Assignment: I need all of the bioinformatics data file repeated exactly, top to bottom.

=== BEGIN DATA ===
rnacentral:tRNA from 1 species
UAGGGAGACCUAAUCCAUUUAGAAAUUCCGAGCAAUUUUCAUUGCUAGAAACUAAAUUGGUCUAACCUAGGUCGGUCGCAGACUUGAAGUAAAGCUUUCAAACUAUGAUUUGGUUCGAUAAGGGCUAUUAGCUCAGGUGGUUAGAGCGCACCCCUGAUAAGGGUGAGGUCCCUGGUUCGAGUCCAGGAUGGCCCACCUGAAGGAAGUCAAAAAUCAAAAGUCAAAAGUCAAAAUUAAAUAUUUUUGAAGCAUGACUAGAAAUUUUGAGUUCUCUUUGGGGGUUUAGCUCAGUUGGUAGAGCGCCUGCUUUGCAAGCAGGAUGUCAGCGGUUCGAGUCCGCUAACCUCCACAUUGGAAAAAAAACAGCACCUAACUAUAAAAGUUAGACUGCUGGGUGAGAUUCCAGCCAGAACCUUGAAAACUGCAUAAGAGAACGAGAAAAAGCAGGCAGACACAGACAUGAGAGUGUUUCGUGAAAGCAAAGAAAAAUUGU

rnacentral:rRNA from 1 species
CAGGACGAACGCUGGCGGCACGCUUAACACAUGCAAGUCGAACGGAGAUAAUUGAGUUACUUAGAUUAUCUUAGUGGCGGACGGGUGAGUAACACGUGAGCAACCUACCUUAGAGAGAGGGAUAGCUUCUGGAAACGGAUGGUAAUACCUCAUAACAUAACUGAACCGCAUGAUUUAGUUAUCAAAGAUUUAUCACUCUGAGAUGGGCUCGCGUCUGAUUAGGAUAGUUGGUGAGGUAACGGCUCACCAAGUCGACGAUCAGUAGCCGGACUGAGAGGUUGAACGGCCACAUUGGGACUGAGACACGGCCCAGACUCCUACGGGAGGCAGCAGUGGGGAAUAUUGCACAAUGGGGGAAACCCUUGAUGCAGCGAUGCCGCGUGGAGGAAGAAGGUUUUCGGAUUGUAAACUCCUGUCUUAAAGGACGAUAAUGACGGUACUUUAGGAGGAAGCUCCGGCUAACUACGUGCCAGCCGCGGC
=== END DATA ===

rnacentral:tRNA from 1 species
UAGGGAGACCUAAUCCAUUUAGAAAUUCCGAGCAAUUUUCAUUGCUAGAAACUAAAUUGGUCUAACCUAGGUCGGUCGCAGACUUGAAGUAAAGCUUUCAAACUAUGAUUUGGUUCGAUAAGGGCUAUUAGCUCAGGUGGUUAGAGCGCACCCCUGAUAAGGGUGAGGUCCCUGGUUCGAGUCCAGGAUGGCCCACCUGAAGGAAGUCAAAAAUCAAAAGUCAAAAGUCAAAAUUAAAUAUUUUUGAAGCAUGACUAGAAAUUUUGAGUUCUCUUUGGGGGUUUAGCUCAGUUGGUAGAGCGCCUGCUUUGCAAGCAGGAUGUCAGCGGUUCGAGUCCGCUAACCUCCACAUUGGAAAAAAAACAGCACCUAACUAUAAAAGUUAGACUGCUGGGUGAGAUUCCAGCCAGAACCUUGAAAACUGCAUAAGAGAACGAGAAAAAGCAGGCAGACACAGACAUGAGAGUGUUUCGUGAAAGCAAAGAAAAAUUGU

rnacentral:rRNA from 1 species
CAGGACGAACGCUGGCGGCACGCUUAACACAUGCAAGUCGAACGGAGAUAAUUGAGUUACUUAGAUUAUCUUAGUGGCGGACGGGUGAGUAACACGUGAGCAACCUACCUUAGAGAGAGGGAUAGCUUCUGGAAACGGAUGGUAAUACCUCAUAACAUAACUGAACCGCAUGAUUUAGUUAUCAAAGAUUUAUCACUCUGAGAUGGGCUCGCGUCUGAUUAGGAUAGUUGGUGAGGUAACGGCUCACCAAGUCGACGAUCAGUAGCCGGACUGAGAGGUUGAACGGCCACAUUGGGACUGAGACACGGCCCAGACUCCUACGGGAGGCAGCAGUGGGGAAUAUUGCACAAUGGGGGAAACCCUUGAUGCAGCGAUGCCGCGUGGAGGAAGAAGGUUUUCGGAUUGUAAACUCCUGUCUUAAAGGACGAUAAUGACGGUACUUUAGGAGGAAGCUCCGGCUAACUACGUGCCAGCCGCGGC